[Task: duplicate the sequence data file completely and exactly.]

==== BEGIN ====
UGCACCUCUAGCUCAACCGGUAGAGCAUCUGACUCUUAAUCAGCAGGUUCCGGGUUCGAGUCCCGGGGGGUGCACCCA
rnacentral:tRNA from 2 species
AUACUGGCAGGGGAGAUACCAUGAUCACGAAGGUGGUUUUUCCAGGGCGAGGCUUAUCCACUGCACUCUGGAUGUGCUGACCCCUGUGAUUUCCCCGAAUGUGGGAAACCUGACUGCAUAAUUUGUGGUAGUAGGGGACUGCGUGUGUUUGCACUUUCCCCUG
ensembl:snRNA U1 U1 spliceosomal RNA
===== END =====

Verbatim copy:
UGCACCUCUAGCUCAACCGGUAGAGCAUCUGACUCUUAAUCAGCAGGUUCCGGGUUCGAGUCCCGGGGGGUGCACCCA
rnacentral:tRNA from 2 species
AUACUGGCAGGGGAGAUACCAUGAUCACGAAGGUGGUUUUUCCAGGGCGAGGCUUAUCCACUGCACUCUGGAUGUGCUGACCCCUGUGAUUUCCCCGAAUGUGGGAAACCUGACUGCAUAAUUUGUGGUAGUAGGGGACUGCGUGUGUUUGCACUUUCCCCUG
ensembl:snRNA U1 U1 spliceosomal RNA